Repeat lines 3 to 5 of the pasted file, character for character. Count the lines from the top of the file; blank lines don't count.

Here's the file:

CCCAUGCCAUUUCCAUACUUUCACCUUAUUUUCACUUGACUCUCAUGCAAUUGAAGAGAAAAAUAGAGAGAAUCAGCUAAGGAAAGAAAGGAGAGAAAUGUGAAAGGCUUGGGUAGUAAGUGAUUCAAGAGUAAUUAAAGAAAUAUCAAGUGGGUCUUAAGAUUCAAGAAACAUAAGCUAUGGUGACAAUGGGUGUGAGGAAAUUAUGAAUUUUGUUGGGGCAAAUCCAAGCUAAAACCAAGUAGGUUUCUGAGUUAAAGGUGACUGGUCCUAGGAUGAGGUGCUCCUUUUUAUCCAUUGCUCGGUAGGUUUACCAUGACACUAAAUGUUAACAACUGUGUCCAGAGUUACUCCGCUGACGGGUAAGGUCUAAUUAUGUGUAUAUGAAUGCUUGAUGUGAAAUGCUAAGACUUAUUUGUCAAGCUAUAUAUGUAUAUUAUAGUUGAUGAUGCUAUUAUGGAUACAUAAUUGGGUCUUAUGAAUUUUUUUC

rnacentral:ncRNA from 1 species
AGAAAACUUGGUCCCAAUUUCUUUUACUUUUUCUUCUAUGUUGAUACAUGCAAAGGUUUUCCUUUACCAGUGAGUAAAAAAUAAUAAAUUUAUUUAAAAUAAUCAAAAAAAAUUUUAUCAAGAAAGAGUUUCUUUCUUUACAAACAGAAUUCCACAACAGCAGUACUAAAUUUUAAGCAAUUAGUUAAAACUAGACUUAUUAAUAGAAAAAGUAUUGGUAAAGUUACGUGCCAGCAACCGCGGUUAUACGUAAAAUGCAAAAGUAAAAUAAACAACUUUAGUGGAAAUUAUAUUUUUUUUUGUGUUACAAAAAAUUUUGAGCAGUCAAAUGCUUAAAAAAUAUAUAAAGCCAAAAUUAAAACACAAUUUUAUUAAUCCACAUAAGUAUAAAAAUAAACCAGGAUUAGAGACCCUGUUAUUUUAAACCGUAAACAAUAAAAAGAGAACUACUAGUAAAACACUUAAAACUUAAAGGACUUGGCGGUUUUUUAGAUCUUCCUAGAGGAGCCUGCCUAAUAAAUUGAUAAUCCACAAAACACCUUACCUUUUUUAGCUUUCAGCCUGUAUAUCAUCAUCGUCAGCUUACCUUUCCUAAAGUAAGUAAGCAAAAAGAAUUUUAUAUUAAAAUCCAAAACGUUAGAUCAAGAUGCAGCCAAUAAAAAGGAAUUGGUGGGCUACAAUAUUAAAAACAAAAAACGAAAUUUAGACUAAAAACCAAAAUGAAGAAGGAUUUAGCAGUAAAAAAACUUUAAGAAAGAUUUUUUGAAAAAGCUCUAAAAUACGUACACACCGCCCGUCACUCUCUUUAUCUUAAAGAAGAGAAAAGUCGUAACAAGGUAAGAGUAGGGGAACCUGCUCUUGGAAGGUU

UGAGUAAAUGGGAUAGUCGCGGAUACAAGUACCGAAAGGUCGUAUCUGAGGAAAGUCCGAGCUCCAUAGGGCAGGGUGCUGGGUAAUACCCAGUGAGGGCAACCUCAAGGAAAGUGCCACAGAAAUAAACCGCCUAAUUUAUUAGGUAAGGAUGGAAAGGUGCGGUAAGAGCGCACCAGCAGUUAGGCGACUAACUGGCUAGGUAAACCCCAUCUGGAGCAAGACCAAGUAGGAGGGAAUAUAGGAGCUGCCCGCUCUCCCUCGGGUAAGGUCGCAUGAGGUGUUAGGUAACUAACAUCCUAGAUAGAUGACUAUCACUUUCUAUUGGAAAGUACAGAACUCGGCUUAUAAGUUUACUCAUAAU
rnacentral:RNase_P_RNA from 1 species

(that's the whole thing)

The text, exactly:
AGAAAACUUGGUCCCAAUUUCUUUUACUUUUUCUUCUAUGUUGAUACAUGCAAAGGUUUUCCUUUACCAGUGAGUAAAAAAUAAUAAAUUUAUUUAAAAUAAUCAAAAAAAAUUUUAUCAAGAAAGAGUUUCUUUCUUUACAAACAGAAUUCCACAACAGCAGUACUAAAUUUUAAGCAAUUAGUUAAAACUAGACUUAUUAAUAGAAAAAGUAUUGGUAAAGUUACGUGCCAGCAACCGCGGUUAUACGUAAAAUGCAAAAGUAAAAUAAACAACUUUAGUGGAAAUUAUAUUUUUUUUUGUGUUACAAAAAAUUUUGAGCAGUCAAAUGCUUAAAAAAUAUAUAAAGCCAAAAUUAAAACACAAUUUUAUUAAUCCACAUAAGUAUAAAAAUAAACCAGGAUUAGAGACCCUGUUAUUUUAAACCGUAAACAAUAAAAAGAGAACUACUAGUAAAACACUUAAAACUUAAAGGACUUGGCGGUUUUUUAGAUCUUCCUAGAGGAGCCUGCCUAAUAAAUUGAUAAUCCACAAAACACCUUACCUUUUUUAGCUUUCAGCCUGUAUAUCAUCAUCGUCAGCUUACCUUUCCUAAAGUAAGUAAGCAAAAAGAAUUUUAUAUUAAAAUCCAAAACGUUAGAUCAAGAUGCAGCCAAUAAAAAGGAAUUGGUGGGCUACAAUAUUAAAAACAAAAAACGAAAUUUAGACUAAAAACCAAAAUGAAGAAGGAUUUAGCAGUAAAAAAACUUUAAGAAAGAUUUUUUGAAAAAGCUCUAAAAUACGUACACACCGCCCGUCACUCUCUUUAUCUUAAAGAAGAGAAAAGUCGUAACAAGGUAAGAGUAGGGGAACCUGCUCUUGGAAGGUU

UGAGUAAAUGGGAUAGUCGCGGAUACAAGUACCGAAAGGUCGUAUCUGAGGAAAGUCCGAGCUCCAUAGGGCAGGGUGCUGGGUAAUACCCAGUGAGGGCAACCUCAAGGAAAGUGCCACAGAAAUAAACCGCCUAAUUUAUUAGGUAAGGAUGGAAAGGUGCGGUAAGAGCGCACCAGCAGUUAGGCGACUAACUGGCUAGGUAAACCCCAUCUGGAGCAAGACCAAGUAGGAGGGAAUAUAGGAGCUGCCCGCUCUCCCUCGGGUAAGGUCGCAUGAGGUGUUAGGUAACUAACAUCCUAGAUAGAUGACUAUCACUUUCUAUUGGAAAGUACAGAACUCGGCUUAUAAGUUUACUCAUAAU
rnacentral:RNase_P_RNA from 1 species